retail news in context, analysis with attitude

by Kevin Coupe

Regular readers of MNB know that for the past few months, Supervalu has provided something of a target for this site. I don't think any of the criticisms were gratuitous, but they were frequent, colorful, sometimes graphic, and came not just from me, but from a wide variety of industry players, many of them current and former Supervalu employees. I don't think that the criticisms were personal, though a certain former CEO of the company might disagree with that characterization. And they have taken up an enormous amount of space on MNB.

But it needs to be pointed out that many of the people who work for Supervalu are good, hard-working, dedicated people who want nothing more than to contribute to the company in a way that will help it out of the mess that it is in. I got a first hand taste of that this week, when I was invited to speak at a conference of retailers sponsored by Supervalu's Eastern Region.

That's right. Supervalu invited me to Atlantic City and paid me to give a speech. The same company that I've been raking over the coals for weeks.

Now, to be honest, I got the booking months ago. But with every word I wrote or posted over the past weeks, I thought to myself that this would be the one that causes them to cancel the gig. That never happened. When I drove down to Atlantic City this week, I half thought that the Supervalu folks were planning to lure me into a dark alley and beat me up. That never happened, either. If nothing else, I figured that someone at Supervalu corporate would see my name on an invoice and say, "WTF?"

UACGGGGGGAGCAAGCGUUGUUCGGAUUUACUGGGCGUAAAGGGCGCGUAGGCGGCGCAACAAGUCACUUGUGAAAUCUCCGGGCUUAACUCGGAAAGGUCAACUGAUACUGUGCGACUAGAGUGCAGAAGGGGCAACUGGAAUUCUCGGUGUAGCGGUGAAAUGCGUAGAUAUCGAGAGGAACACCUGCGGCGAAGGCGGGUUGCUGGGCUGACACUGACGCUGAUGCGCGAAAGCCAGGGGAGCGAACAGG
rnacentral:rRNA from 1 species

No, what I found at this meeting, in addition to a group of retailers hungry for ideas that would make them more competitive and a view of the future that they could integrate into their business models, was a group of Supervalu executives who were absolutely charming and totally classy. They never asked to vet my remarks, and they were nothing but supportive. They wanted to listen, and they wanted me to be provocative. Go figure.

I give special kudos to Manda Johns and Brian Keech, who were a pleasure to work with - these are the kind of people who, working on the front lines, will be a source of strength for Supervalu. They put a positive face on an embattled company.

I spent very little time talking about the past. I thought it was more important to talk about the future. I won't pretend that just hiring me compensates for all the issues that the company has ... but I also thought that in view of all the things I've written about Supervalu in the recent past, it was only fair to tell you what a positive first-hand experience I had with the company. It was an Eye-Opener.

I was rooting for them to transcend all their issues before. I'm rooting even harder for them now ... though I'll continue to call them as I see them, which is exactly what many of the folks I spoke to at Supervalu seem to want.
KC's View: